Module 4 Investing in Differing Inflationary Climates

Play Video

Inflation and deflation are key determinants in the value of securities, and this module is an exploration of investing in different inflationary situations and climates. With a timespan covering the entirety of the 20th century and into the 21st, we are led through periods of extreme inflation and extreme deflation – and even cases of wartime hyperinflation. What we learn is that investor returns can vary hugely depending on the inflationary background.

Module structure

  1. Introduction: what’s so bad about deflation and inflation?
  2. Inflation is not dead!
  3. The search for inflation protection
  4. Identifying the sweet spot for real equity returns
  5. Characteristics of the inflationary process
  6. Stages of an inflationary process
  7. Sectoral responses to differing inflationary climates
  8. Examining the historical inflationary record
  9. Summarising asset performance in differing climates
  10. Issues concerning the measurement of inflation

Module 4 lecturer

Peter Warburton

Peter is the author of Debt and Delusion and our resident expert on inflation, with a background in both academia and the City of London. He was chief economist and economic adviser at Robert Fleming from 1989 until 2000 and an economist at investment manager Ruffer LLP from 2004 until 2017 – he also founded global macro consultancy Economic Perspectives in 1996. He is now managing director of risk analysis business Halkin Services and an occasional lecturer at Cardiff Business School.

Module 5 The Mean Reversion of Equity Valuations – Past, Present and Future

Play Video

Course Director Prof. Russell Napier brings everything together in our final module, with half of the time spent exploring how the key forces driving the mean reversion of equity valuations interact. The rest of the module is forward-looking, anticipating where valuations may go and the drivers of financial market valuations in coming years.

Module structure

  1. Inflation and financial repression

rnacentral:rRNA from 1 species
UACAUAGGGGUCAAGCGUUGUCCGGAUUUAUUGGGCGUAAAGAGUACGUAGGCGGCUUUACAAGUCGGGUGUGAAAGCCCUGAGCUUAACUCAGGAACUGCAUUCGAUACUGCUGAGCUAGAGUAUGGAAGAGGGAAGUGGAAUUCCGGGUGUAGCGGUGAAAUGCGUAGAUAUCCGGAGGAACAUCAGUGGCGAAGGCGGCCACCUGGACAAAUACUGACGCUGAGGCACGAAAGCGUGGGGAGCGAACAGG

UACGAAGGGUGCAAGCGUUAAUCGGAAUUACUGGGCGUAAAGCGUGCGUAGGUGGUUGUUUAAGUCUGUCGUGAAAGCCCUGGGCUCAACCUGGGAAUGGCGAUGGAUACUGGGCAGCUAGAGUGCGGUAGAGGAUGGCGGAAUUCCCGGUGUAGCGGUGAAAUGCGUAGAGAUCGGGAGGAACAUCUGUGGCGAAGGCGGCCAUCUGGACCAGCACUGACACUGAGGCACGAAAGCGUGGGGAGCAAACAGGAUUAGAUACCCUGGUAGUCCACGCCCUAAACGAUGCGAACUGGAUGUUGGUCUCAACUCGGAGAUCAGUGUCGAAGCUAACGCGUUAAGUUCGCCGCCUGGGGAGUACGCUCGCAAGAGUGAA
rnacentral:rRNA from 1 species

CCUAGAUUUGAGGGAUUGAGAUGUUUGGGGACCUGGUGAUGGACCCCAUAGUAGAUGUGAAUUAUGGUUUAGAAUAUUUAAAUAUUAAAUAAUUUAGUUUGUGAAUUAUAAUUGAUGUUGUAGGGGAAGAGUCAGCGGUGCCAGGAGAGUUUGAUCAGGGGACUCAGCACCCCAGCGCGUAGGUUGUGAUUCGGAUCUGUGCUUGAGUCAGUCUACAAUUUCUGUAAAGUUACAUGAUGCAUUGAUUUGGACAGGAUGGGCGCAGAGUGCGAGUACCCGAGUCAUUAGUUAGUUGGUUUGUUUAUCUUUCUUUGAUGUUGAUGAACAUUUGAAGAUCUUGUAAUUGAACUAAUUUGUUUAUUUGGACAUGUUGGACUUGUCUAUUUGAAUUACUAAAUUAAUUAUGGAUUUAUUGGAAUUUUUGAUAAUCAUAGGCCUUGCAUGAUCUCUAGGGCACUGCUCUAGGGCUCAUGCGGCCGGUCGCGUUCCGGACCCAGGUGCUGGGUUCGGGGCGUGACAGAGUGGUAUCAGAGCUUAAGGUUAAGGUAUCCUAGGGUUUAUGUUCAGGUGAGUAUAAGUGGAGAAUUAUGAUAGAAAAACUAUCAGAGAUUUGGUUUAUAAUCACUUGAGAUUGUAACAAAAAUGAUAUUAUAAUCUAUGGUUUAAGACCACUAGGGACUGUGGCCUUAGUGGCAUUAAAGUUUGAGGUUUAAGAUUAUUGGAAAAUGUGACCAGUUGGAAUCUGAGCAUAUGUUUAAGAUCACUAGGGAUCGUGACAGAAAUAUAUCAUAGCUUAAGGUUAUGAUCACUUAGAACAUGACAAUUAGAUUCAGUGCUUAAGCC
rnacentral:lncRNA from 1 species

2. Mean reversion of equity valuation

Module 5 lecturer

Prof. Russell Napier

Russell is an accomplished author, including most recently The Asian Financial Crisis 1995-98; Birth of the Age of Debt, he is a well-known commentator on economic and monetary affairs and has been an analyst for, and adviser to, a number of investment companies and clients for more than 25 years.


Access the Online Course

Before enrolment, please provide Didasko with a few details 

In-Person Opportunties

Interested in the in-person course?

We've been running our renowned Practical History of Financial Markets course – which covers the same topics and material at the online course – for almost two decades, and have educated more than a thousand students, many of whom hold senior roles in the financial sector. 

“An invaluable practical insight into the human failings of capital markets and the perfect complement for today’s aspiring investors.”

Stuart Paul ~ Former CIO
Stewart Investors

"The best and most valuable two days I have spent outside the office in twenty years.”

Sebastian Lyon - Founder and Chief investment officer,
Troy Asset Management
Do you have questions about the course? Find answers here

Frequently Asked Questions

The in-person course lasts two and a half days. The online course can be taken as and when you want and over a timeframe that suits your lifestyle. With almost 18 hours of video lectures delivered by our expert team, self-test questions and additional readings, the syllabus covers five key areas of financial markets theory, workings and history.